ERIC Number: ED342974
Record Type: Non-Journal
Publication Date: 1990
Reference Count: N/A
A Report on the Highlander Folk School.
Cassara, Beverly B.
The Highlander Folk School was founded as an alternative kind of education with no academic admission requirements, no examinations or grades, and no set curriculum. Hard times were caused by lack of funds and the radical nature of its purpose--to help poor people know their rights and stand up for them. As an undergraduate, Myles Horton, its founder, gained two insights that influenced his future--the negative effect of the isolation of knowledge from practice in the development of democratic principle and an interest in unions. After college, Horton went to Denmark to learn about the Folk High School movement. On November 1, 1932, he established his school in Monteagle, Tennessee. The curriculum grew from needs of the county residents. Four main projects were local community development, training union leadership, organizing farm/labor groups, and civil rights. The school's efforts in union leadership training ended when the unions grew powerful. Highlander's next effort in civil rights grew naturally out of union leadership training, for blacks needed help to organize. This phase of the school's work and consequent legal troubles brought the close of the original Highlander School. Highlander then moved to its present site in New Market, Tennessee. Today the Highlander Research and Education Center has the same educational policy to help people take the lead in solving their current problems: establishment of rural health clinics; stopping the dumping of toxic waste, strip mining and absentee landlords; tax reform; and land use reform. (YLB)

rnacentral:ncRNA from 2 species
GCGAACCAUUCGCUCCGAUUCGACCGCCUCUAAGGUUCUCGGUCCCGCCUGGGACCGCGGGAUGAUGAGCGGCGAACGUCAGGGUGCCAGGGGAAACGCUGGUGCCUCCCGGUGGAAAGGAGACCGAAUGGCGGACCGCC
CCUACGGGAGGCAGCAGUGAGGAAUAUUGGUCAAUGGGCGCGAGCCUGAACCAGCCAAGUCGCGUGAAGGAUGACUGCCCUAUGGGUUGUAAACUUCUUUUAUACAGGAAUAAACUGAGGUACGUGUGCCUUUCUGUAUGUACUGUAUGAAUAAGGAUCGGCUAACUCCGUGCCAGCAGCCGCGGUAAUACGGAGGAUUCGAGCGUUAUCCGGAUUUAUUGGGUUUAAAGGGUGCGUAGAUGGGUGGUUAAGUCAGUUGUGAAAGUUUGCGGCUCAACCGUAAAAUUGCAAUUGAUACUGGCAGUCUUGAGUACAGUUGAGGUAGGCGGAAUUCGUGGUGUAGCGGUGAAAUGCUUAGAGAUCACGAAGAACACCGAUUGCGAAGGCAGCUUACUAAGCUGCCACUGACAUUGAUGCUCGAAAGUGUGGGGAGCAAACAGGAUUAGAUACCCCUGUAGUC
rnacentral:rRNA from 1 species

Descriptors: Access to Education, Adult Education, Civil Rights, Community Action, Community Education, Community Problems, Community Schools, Democratic Values, Educational Development, Educational History, Educational Innovation, Educational Methods, Folk Schools, Leadership Training, Needs Assessment, Nontraditional Education, Postsecondary Education, Unions
Publication Type: Speeches/Meeting Papers
Education Level: N/A
Authoring Institution: N/A